Using that analogy, disabling Java in your browser disables the Java spewing browser exploit Hydra head permanently. Yeah, there’s still the multiple Adobe heads and the Javascript head, countless others. And you know what most security experts would say? That ideally, ALL plugins should be disabled and cookies and Java should be watched with things like Firefox’s Noscript/CookieMonster. Seriously go download a Tails LiveCD from the TorProject and check out it’s browser plugins. Sure it’s meant for privacy, but it’s probably one of the safest things I’ve ever seen to browse the web in general. And then since it’s a LiveCD, even if you are hit with something, which would be very hard with it’s lineup of settings and software, doesn’t really matter cause everything is only stored in ram.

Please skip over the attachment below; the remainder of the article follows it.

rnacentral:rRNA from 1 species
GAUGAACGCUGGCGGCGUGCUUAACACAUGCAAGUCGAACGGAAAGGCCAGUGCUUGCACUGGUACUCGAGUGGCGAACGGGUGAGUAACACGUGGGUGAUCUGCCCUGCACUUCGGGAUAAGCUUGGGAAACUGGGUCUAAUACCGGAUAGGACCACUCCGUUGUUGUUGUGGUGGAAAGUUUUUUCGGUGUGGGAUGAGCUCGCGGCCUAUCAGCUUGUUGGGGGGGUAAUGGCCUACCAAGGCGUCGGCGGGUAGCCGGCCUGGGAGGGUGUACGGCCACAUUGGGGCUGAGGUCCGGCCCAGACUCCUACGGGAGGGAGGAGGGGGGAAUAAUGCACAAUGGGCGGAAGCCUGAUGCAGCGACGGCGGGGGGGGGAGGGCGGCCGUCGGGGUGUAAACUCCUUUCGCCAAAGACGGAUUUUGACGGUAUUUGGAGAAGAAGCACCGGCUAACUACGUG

>>”As at the year 2005 most web browser software in the market, had security settings available to prompt users before any software is downloaded, and create exceptions for trusted websites.. It’s 2013 boss, and this same browsers are still operating in the default mode of not prompting users when software is about to be downloaded.”